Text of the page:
8. 8. Socio-Political situation analysis for Future prospects of MFI’s<br />Sources::http://essay.utwente.nl/59295/1/scriptie_S_Ahmad.pdf <br />http://essay.utwente.nl/59295/1/scriptie_S_Ahmad.pdf<br />
  9. 9. A Decade Of Disasters<br />Background<br />According to a paper by HidayatUllah Khan, research analysis was done through difference in difference procedure and results measured for a pooled data in a period of 1994-2006. <br />As the biggest natural disaster in history of Pakistan hit on 8th October, it had an impact of the MFI’s operations as well. The calculations of the regression described above showed that this disasters resulted in an almost 52% delay in the repayments in the subsequent period. It also affected the operational expenses, increased need for donations and hence, aggravated the already agitated war on terror situation in Pakistan. <br />Promising results and Future Prospects <br /><ul><li> Despite of the 2005 disaster the growth of MFI’s is commendable during the 2003-2006.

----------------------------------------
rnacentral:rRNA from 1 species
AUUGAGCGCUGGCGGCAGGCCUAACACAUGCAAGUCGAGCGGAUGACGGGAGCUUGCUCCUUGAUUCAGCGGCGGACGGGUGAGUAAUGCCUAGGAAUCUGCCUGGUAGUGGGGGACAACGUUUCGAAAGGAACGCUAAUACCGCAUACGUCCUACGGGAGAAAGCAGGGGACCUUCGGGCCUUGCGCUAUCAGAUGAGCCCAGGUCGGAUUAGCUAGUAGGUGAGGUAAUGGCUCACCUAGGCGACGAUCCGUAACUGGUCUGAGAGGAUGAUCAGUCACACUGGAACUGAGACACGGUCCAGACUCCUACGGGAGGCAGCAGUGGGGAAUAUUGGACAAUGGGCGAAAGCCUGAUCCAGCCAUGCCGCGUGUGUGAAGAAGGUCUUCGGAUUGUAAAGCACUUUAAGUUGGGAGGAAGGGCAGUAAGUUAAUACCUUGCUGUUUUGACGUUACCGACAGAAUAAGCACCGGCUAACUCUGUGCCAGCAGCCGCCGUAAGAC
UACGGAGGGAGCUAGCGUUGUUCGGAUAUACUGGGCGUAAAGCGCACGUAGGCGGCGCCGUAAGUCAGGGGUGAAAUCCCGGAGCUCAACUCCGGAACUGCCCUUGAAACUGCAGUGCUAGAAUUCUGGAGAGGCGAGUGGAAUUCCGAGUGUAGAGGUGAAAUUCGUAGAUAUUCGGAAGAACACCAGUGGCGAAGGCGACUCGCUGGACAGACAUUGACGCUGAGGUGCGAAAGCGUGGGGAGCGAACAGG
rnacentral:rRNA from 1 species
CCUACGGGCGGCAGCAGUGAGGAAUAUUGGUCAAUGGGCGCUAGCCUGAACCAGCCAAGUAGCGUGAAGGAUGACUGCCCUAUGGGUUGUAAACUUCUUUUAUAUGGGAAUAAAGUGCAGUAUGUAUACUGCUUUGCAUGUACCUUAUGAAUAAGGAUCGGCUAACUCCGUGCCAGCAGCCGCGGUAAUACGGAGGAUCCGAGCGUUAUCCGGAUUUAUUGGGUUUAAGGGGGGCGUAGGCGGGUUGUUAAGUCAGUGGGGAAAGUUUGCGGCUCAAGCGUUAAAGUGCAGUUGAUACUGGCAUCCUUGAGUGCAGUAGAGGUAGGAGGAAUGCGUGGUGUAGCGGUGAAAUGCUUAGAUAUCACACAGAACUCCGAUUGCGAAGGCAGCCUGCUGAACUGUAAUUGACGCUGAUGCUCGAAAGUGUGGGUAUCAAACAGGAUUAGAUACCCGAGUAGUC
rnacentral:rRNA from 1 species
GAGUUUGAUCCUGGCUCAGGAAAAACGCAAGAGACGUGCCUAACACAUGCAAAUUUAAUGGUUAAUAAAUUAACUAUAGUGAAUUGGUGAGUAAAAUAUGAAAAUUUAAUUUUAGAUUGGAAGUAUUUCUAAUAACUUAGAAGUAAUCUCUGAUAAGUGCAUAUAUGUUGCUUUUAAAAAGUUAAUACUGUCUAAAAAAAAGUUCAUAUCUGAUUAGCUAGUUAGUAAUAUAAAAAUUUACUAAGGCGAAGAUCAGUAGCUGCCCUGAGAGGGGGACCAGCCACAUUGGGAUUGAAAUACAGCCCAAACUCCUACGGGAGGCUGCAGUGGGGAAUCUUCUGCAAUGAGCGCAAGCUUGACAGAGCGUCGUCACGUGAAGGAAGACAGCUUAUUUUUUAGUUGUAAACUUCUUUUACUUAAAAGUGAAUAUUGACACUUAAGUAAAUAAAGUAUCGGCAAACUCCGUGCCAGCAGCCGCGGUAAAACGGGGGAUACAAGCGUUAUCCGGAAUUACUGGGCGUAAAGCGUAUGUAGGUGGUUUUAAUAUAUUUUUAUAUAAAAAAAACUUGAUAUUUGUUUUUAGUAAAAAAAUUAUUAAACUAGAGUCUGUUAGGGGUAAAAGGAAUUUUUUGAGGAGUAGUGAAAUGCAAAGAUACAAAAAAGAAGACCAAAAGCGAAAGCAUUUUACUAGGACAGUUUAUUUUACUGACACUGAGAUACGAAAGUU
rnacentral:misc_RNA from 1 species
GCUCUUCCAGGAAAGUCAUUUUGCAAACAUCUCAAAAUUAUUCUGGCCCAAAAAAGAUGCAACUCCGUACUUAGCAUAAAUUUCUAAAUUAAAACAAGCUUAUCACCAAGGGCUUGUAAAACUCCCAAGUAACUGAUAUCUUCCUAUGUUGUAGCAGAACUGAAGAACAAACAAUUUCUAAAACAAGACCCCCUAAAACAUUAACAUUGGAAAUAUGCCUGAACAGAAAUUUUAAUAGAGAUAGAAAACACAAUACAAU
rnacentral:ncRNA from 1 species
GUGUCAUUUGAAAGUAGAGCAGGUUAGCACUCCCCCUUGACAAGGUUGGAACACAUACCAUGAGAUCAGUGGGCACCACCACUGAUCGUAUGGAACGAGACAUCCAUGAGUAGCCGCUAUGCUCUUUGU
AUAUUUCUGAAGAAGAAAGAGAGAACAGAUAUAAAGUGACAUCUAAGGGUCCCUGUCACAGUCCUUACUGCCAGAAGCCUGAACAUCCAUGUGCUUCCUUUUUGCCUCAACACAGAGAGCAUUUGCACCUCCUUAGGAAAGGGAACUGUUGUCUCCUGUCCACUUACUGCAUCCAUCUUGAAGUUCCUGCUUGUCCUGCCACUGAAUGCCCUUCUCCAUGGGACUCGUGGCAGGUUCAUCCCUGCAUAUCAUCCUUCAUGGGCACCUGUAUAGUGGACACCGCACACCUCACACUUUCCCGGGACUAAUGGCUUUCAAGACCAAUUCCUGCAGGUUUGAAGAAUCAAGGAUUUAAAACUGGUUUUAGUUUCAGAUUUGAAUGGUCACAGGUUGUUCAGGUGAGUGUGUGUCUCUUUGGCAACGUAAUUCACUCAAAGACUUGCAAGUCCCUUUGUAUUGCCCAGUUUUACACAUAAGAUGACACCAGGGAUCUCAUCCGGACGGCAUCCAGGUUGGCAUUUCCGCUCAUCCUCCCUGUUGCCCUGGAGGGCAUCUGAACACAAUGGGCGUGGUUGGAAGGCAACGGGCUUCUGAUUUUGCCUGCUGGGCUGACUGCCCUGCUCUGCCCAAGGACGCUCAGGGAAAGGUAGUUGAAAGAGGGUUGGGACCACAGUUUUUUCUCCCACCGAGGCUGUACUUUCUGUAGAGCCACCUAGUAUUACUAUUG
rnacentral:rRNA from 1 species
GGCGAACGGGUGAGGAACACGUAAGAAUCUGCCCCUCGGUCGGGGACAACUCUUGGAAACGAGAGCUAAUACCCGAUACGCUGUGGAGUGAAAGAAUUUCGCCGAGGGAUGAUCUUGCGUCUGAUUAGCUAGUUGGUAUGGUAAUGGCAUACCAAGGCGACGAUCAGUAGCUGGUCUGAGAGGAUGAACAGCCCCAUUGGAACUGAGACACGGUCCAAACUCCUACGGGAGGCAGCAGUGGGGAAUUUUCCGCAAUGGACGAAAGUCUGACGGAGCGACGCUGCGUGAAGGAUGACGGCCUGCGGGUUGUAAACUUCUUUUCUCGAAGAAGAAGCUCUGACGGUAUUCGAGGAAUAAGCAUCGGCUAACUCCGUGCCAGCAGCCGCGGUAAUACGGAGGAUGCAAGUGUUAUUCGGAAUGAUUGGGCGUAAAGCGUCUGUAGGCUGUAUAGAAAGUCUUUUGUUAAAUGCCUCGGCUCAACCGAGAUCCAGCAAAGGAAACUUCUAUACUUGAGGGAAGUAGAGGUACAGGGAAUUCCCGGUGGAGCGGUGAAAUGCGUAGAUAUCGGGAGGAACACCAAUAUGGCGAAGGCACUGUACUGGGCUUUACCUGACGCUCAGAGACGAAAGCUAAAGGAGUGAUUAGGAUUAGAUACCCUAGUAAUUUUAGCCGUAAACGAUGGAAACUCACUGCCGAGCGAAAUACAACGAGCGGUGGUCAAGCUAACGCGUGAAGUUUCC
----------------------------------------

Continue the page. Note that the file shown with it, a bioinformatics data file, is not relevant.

10. 10. Return on equity not only sustained rather grew to an average of -1.1% from an average of -78.4% during the earthquake disaster.
  11. 11. The Return on Assets and Return on Equity averaged and overall showed great improvements.
  12. 12. Similarly in 2007 the death of Benazir Bhutto caused political instability which increased violence in the country. Since turmoil began at the beginning of the year, this affected the flow of funds to MFI’s by the donor agencies as well. But in fact data shows that the Return on equity overall remained negative but sustained and rather improved from 2006. E.g. KASHF bank showed financial revenue/assets grew from 22.3%to 26.83%. Khushhali bank showed financial revenue/assets grew from10.56% to 11.48%.